Deciding and planning to go for breast reconstruction options after a mastectomy is a huge emotional journey. With the advent of newer plastic surgery techniques, the results are quite natural and satisfactory. Ideally, a woman should be given a choice among the various reconstruction options.
The process begins by consulting plastic surgeons who specialise in reconstructive techniques. Understanding your option will help you make an informed decision that suits your needs. As many as 30% of women undergo breast reconstruction surgery after a mastectomy.
When it comes to breast reconstructive surgery, there are some options available mimicking the size, shape, and texture of your original breast tissue. Some of them might involve implants while others use grafts from your own body for reconstruction.
Here is a guide about what options are available which will best suit your needs.
This involves placement of saline or saline implants under the muscles in your chest where the breast tissue has been removed. If there is insufficient muscle left after surgery to carry out reconstruction, the surgeon makes use of an inflatable implant that is gradually filled with saline or silicon over time which allows for the skin of the growth to follow.
Suitability: Small breasts and petite frame
Duration: surgery takes around two hours with a recovery time of two weeks
Pros: Can be used for a double mastectomy as this is best known for symmetrical results
Cons: Not suitable if you intend to undergo radiotherapy afterward as hardening may result.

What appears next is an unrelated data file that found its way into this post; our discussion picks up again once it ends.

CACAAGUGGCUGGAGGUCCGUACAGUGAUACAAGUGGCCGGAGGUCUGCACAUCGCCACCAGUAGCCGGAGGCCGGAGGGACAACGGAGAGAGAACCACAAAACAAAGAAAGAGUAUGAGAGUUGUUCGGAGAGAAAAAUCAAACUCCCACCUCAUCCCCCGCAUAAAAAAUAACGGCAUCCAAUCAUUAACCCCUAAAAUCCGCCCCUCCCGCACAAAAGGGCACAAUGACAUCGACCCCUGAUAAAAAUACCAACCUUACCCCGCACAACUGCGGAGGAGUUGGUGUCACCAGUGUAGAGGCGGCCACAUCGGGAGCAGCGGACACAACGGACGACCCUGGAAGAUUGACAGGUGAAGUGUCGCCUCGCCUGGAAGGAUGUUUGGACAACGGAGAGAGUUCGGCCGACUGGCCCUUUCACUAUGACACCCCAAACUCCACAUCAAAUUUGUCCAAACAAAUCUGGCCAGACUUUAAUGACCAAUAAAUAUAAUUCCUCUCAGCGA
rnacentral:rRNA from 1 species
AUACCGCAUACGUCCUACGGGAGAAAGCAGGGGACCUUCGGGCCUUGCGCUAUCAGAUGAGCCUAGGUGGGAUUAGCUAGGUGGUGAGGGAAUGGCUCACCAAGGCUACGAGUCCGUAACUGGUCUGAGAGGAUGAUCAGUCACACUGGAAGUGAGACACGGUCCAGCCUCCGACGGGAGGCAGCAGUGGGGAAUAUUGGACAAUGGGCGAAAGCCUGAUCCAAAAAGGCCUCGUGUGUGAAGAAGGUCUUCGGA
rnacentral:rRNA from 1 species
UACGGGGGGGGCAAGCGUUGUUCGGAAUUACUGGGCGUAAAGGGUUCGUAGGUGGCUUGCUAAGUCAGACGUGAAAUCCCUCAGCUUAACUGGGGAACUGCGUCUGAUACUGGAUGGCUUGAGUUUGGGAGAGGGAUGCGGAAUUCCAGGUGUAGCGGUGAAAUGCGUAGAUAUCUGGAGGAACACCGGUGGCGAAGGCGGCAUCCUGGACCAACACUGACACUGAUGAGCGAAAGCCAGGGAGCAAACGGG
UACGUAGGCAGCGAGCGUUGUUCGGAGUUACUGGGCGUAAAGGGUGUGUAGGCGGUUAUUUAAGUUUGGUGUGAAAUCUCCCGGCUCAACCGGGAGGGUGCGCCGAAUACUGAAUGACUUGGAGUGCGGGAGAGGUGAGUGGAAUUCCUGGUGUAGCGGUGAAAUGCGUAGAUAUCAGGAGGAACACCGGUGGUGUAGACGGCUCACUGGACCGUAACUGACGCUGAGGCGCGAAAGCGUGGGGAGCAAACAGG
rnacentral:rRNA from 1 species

DIEP or TRAM Flap Reconstruction
A DIEP flap involves no muscle and consist of fat, skin and blood vessels cut from lower part of your body and implanted in place of your breast tissue.
This is a flap of rectus abdominis, a muscle from your lower abdomen (6 pack muscle) which could be free or pedicled.
Pros: the result is a breast soft in consistency and feels natural. The operation often lasts a lifetime.
Cons: This type of reconstruction is not possible for candidates already bearing scars on their abdomen from previous surgeries. These can droop over time.
LD Flap Reconstruction
LD stands for latissimus dorsi and is a muscle just below your shoulder blade. For reconstruction, it is brought round under the armpit and put over an implant to make a new breast.
Pros: This surgery is comparatively simpler than a DIEP or TRAM flap and requires lesser recovery time. Higher success rate come from the original blood supply that the flap carries with itself to its grated space.
Cons: people who have thicker or paler skin on their back may not have a colour match on the ventral surfaces of their body, i.e., where the breasts are.